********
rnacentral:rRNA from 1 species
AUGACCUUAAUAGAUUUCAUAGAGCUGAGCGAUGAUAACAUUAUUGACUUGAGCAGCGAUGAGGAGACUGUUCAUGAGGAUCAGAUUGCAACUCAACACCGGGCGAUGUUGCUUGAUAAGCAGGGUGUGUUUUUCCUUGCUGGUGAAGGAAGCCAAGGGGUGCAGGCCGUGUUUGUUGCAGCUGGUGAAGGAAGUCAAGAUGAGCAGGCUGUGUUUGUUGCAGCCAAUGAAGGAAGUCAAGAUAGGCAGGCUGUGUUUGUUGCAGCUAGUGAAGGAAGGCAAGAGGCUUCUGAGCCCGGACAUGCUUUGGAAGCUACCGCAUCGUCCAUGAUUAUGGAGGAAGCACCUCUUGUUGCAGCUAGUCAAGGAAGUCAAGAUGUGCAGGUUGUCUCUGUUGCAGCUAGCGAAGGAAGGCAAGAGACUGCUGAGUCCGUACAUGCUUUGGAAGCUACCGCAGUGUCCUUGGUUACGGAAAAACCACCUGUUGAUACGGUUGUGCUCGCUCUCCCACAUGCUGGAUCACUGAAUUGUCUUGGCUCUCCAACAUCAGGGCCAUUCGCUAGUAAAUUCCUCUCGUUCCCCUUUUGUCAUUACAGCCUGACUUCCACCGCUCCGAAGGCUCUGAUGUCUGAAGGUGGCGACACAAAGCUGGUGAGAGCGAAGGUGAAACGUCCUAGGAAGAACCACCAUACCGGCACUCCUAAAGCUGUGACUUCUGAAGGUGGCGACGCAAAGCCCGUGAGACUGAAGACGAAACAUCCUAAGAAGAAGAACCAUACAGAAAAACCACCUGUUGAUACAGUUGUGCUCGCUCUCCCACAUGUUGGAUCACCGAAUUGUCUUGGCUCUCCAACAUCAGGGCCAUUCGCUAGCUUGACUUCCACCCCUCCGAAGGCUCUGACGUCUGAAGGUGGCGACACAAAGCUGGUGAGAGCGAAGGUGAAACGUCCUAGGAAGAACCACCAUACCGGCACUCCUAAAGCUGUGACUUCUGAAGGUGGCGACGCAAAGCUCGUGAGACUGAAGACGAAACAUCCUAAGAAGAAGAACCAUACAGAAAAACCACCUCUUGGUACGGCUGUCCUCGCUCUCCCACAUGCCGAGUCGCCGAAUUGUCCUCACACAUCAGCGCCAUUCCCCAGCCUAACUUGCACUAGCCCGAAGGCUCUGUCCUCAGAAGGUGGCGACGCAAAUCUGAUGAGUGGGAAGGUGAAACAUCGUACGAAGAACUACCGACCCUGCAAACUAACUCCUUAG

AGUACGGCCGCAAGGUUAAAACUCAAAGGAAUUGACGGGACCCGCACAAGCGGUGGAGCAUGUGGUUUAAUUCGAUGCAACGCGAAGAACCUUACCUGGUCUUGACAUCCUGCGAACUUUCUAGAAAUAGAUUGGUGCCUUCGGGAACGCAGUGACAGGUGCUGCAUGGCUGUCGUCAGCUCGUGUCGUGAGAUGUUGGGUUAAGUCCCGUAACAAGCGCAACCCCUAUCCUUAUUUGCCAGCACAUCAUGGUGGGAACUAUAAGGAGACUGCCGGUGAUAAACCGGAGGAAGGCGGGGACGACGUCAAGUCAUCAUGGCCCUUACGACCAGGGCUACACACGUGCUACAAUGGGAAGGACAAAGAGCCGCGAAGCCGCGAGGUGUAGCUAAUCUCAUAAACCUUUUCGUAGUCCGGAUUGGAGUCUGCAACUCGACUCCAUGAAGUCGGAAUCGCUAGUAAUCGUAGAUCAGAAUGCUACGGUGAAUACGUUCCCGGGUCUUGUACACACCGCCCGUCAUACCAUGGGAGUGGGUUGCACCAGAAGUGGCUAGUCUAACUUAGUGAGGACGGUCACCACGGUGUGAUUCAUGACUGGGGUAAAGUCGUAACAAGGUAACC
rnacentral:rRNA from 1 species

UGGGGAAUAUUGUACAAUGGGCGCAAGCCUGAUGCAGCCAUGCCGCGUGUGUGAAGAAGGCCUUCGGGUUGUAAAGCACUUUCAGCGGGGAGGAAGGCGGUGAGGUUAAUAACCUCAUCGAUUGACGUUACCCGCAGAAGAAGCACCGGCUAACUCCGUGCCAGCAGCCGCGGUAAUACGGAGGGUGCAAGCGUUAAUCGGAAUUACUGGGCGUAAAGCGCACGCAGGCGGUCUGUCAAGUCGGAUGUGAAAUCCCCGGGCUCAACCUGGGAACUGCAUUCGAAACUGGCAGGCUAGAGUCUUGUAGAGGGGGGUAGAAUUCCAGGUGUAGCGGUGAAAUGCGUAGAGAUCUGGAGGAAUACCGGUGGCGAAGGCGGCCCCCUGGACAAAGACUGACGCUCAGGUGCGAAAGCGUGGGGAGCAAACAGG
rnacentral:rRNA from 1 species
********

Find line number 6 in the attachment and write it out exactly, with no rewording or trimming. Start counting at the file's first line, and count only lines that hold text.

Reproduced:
rnacentral:rRNA from 1 species